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America's 'Radical Elders' continue their work for fairness, justice; SCOTUS upholds law disarming domestic abusers; Workplace adoption benefits help families, communities; Report examines barriers to successful post-prison re-entry in NC.

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A congresswoman celebrates Biden protections for mixed status families, Louisiana's Ten Commandments law faces an inevitable legal challenge, and a senator moves to repeal the strict 19th century anti-obscenity and anti-abortion Comstock Act.

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A Minnesota town claims the oldest rural Pride Festival while rural educators say they need support to teach kids social issues, rural businesses can suffer when dollar stores come to town and prairie states like South Dakota are getting help to protect grasslands.

As UT Awaits Medicaid-Plan Approval, Voters Could Make the Call

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Wednesday, August 8, 2018   

SALT LAKE CITY - It probably will be November before Utahns know if or how much Medicaid will be expanded in the state.

The Trump administration reportedly is delaying decisions on states' Medicaid-expansion requests until after the midterm elections. In those midterms, Utah voters could pass a larger Medicaid-expansion package than the one state lawmakers have approved. The plan on the ballot would cover about 150,000 people, while the Legislature's plan would cover about 70,000 - and require most Medicaid recipients to have jobs.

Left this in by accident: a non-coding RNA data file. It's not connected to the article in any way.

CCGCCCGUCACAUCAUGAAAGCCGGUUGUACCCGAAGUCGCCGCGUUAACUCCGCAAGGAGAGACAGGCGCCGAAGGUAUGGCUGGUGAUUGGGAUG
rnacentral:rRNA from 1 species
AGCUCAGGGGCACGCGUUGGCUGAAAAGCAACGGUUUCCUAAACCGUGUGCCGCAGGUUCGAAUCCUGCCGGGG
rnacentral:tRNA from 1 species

Stacy Stanford, a policy analyst for the Utah Health Policy Project, said she thinks it's likely that voters will get their say first.

"Utah voters get to get out there," she said, "and decide, 'Hey, we want full Medicaid expansion without strings attached.' "

The latest poll from the Salt Lake Tribune and the Hinckley Institute of Politics found that about 54 percent of Utah voters favor the ballot initiative, even though it requires a 0.15 percent tax increase.

Groups including the ACLU of Utah are speaking out against the state plan because of its proposed work requirement. Stanford said most people covered by Medicaid already are working if they're able, so adding a work requirement would create more paperwork and could prevent people from accessing care.

"We do know, based on extensive research," she said, "that work requirements are largely solving a problem that doesn't exist."

A federal judge in July struck down a Kentucky Medicaid-expansion plan that had attempted to add similar work stipulations for Medicaid recipients.

Reporting on the Trump administration delay from The New York Times is online at nytimes.com, and the Utah voter poll from the Salt Lake Tribune is at sltrib.com.


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